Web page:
One corn, two corn, red corn, blue corn

CornAt the tea at Maggie and Heal’s, Steve brought up the fact that he wanted to grow Corn (1), as written on that original list on our whiteboard.

“You can’t have just one stalk of corn,” said one of his graduate school classmates. “You have to have a male and female stalk. They have to pollinate each other.”

“Two stalks,” Steve said. “Two stalks would be equally cool.”

I understand his impulse. I mean, it’s Iowa. Iowa is known for corn. Soybeans and corn. Pigs and soybeans and corn. I knew the stereotypes before I got here, but the first time I had Iowa sweet corn, it was a whole different ballgame.

I grew up on Eastern Shore corn, bought on the side of the road on the way to or from the beach in Maryland or Delaware, sweet as sugar and cheaper as the summer wore on. But then I helped Steve move to Iowa, and some friends of his mother invited us over for dinner. They served corn they’d picked up from a farmer who just sets bags of corn at the edge of his field every day in the summer, with an extra bag sitting there where you just put in some money after you’ve taken your just-picked cobs. It’s the honor system, and then some.

One bite of that corn, and I was hooked. I’d been told Iowa had the best corn in the world, but I scoffed at the corn cheerleaders. Suddenly, with one bite of Iowa sweet corn, I’d been proven wrong.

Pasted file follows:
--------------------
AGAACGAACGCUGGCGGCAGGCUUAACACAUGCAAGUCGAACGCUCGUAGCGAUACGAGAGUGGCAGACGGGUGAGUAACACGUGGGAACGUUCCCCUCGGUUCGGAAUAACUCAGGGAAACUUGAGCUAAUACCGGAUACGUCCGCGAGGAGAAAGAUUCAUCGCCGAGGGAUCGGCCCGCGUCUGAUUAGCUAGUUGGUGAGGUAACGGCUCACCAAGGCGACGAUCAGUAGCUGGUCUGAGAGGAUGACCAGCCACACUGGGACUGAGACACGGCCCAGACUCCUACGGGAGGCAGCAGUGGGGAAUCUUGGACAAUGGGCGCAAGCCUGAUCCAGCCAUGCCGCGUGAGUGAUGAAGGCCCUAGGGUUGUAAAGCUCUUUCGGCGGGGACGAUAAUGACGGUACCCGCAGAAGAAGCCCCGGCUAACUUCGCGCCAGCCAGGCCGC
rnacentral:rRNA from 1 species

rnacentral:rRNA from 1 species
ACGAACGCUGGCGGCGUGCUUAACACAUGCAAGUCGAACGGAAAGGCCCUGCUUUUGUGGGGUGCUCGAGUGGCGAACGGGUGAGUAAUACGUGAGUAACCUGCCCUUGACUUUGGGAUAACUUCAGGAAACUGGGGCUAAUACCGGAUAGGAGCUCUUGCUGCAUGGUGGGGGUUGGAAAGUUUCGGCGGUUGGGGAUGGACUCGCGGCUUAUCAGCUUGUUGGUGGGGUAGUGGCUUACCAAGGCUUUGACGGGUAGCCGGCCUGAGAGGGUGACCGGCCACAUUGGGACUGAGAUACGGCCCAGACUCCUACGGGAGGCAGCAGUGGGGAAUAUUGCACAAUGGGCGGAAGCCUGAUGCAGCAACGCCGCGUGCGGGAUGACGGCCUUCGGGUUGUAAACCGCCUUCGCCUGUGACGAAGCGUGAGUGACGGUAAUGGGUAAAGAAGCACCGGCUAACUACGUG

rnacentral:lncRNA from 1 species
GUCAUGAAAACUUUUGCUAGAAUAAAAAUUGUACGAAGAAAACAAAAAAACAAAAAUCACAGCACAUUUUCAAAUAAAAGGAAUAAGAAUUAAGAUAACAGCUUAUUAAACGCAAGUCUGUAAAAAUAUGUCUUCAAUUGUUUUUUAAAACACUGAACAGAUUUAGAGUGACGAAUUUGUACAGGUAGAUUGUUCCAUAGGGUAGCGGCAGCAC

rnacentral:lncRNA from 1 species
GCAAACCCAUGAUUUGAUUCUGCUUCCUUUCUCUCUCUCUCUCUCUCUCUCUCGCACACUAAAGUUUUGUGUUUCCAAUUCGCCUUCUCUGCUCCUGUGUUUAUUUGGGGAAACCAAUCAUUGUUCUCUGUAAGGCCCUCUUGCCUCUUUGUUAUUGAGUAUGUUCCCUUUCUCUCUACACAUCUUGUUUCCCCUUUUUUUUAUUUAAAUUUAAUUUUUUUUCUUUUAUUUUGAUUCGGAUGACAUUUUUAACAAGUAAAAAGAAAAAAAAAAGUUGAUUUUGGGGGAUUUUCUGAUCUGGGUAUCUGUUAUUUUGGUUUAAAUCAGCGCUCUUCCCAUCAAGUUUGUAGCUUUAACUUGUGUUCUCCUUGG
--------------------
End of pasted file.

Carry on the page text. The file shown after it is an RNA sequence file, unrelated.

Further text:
But, even though this is Land o’Corn, and even though I understood Steve’s impulse to grow the stuff, I didn’t feel like it was particularly necessary. If there’s one thing we can get easily and cheaply here, it’s corn. However, I was in favor of the bizarreness factor of the single stalk or stalk-pair.

The classmate continued her tale. She had seen a house somewhere in Iowa City where the owners had lined their front walk with corn. “It was functional, and native, yet funky all at the same time,” she said. “I thought it was just lovely!”

I swung my head in Steve’s direction. “We are not lining our walkway with corn.”

He held up his hands. “I didn’t say we were.”

“I’m just saying,” I said. “I don’t want you to get ideas.”

Even my mother, on the phone with me on Mother’s Day, had input on the corn situation. “You can’t just grow one corn,” she said, after visiting my blog for the first time. “You have to grow two. Or preferably a square.”

“Mom, we’re not growing corn,” I said, wondering how in the world she, the Baltimore city girl, knew the first thing about planting this particular crop.

Luckily, corn seedlings were not available at Paul’s. At least not where we looked. But, without any hint of success this year, I’m already making a mental list of things to grow next year. After all, every girl has to have a dream, and who’s to say the dream can’t include a little square of sweet corn?

Photo credit: Helmut Gevert

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